Friday, December 4, 2009


This workout is one of the most efficient yet simple ways to push your fitness limits, blast calories and ultimately get into the shape of your life. The nature of this workout consists of high intensity intervals, which means it cannot be done every day.

Many people, especially fitness junkies and athletes, will finish this workout and feel the adrenaline, the endorphins and the results and think if they did it every day, they would get that much fitter (either that or they’ll never want to go through it again). However, this is not the case, the truth is, you cannot push your body to threshold everyday, doing so will lead to diminishing returns and likely burnout and/or injury.

The key is to constantly change up your workouts and keep your body guessing, so try to add this workout in 

once or twice a week as a substitute for your current workout.

The BIG MYTH people tend to fall into believing is that you need more than 30 minutes to get an incredible workout. The truth is, to sustain a longer workout, especially 50 min and over, you cannot perform with the same intensity you would in a shorter workout.                               

 – To get fitter and see big results you need to push yourself beyond your comfort zone – it’s okay to struggle, it makes you stronger!

I called this a treadmill workout because it is approaching winter and the convenience of a treadmill is very popular at this time of year, but this workout can also be done running outside or on an elliptical machine if you are injured and need a low impact substitute (I currently do most of my workouts on the elliptical, as a back injury has made me very sensitive to high impact running).

I am going to use a perceived scale of exertion rather than heart rate to indicate the level you should be at throughout the workout. Below are descriptions of each level:

Exertion Levels Defined

Easy (E): Heart Rate (HR) 50%-60% of max. Perceived Exertion: Relaxed, easy pace; rhythmic breathing. Beginning-level aerobic training; reduces stress, enjoyable

Easy Moderate (EM): HR: 60%-70% of Max. PE: Pace comfortable; slightly deeper breathing, conversation possible. Basic cardiovascular training; good recovery pace

Moderate/Tempo (M):HR: 70%-80% of Max. PE: Pace moderate; more difficult to       hold conversation. Improved aerobic capacity; optimal cardiovascular training

Hard Moderate (HM): HR: 80%-90% of Max. Pace fast and a bit uncomfortable; breathing forceful. Improved anaerobic capacity and threshold, improved speed.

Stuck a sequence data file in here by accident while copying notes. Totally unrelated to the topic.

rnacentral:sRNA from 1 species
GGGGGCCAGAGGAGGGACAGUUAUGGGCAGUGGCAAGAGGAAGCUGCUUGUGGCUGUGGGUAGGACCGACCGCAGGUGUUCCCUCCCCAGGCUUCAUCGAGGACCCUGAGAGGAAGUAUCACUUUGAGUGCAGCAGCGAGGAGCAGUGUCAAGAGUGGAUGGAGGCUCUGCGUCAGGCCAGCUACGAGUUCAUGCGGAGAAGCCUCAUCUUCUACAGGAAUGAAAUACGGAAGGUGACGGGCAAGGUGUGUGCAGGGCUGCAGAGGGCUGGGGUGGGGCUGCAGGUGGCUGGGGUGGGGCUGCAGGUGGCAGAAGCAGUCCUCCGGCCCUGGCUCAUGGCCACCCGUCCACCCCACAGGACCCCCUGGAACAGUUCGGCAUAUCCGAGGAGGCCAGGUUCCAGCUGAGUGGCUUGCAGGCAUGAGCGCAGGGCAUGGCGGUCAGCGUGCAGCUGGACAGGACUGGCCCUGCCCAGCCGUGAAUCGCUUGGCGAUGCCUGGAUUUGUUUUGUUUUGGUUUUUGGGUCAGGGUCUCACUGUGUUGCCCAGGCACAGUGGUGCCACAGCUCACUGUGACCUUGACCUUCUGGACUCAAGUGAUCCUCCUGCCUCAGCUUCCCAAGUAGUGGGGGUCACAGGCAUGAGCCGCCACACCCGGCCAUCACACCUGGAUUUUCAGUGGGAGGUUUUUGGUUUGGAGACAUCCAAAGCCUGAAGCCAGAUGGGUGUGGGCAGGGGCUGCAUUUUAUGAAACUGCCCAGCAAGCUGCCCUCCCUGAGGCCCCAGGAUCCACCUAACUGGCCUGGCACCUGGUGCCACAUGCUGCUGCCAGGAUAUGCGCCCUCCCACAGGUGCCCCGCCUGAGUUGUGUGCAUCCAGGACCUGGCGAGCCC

Hard (H): HR: 90%-100% of Max. Pace a sprinting effort, unsustainable for long period of time; labored breathing. Anaerobic and muscular endurance, increased  power.


Warm Up - 1.5 miles or 10 min

Stage 1 - 3 x 2min Interval

Breakdown: 1 min moderate - 30 sec hard moderate – 30 moderate - 1 min recovery 

*Repeat x 3

 Steady State/Recovery – 2 min

Stage 2 - 30 Seconds On (Hard Moderate to Hard) – 30 Off  (Easy/ Recovery) x 5

The ’30 seconds on’ should be as fast as you can go in a controlled effort

Cool Down – 5 min 

STRETCH – I cannot stress the importance of cool down and stretching enough – I’ve learned the hard – please do so before AND after your workout.





  1. Would you recommend a change in gradient during the intervals? Changing it would engage different muscle groups as well as increase stamina and heart rate. Just curious.

  2. Hi,
    I apologize for my delayed response (I promise to be more consistent with my posts and answers in the New Year).
    I'm so glad you asked this question! I take it, you are doing this workout on the treadmill and with treadmill running you actually need to set the workout to a grade of '3' in order to be on a 'flat road'.

    I recommend doing all the intervals on a flat road (gradient of 3) the majority of the time and just focus on bring up the speed. It's more about speed and intervals than hill work.

    However you can completely change the workout just by changing the gradient rather than speed for more of a hill workout.

    Or, as you get stronger you can make the workout more challenging by upping the grade to 3.5 or even 4 if you want on the intervals. Depending on the day, I would mix it up and focus more on speed some days and on gradient other days.

    Either way, this workout will blast calories and bring your fitness to a new level.

    Hope this helps!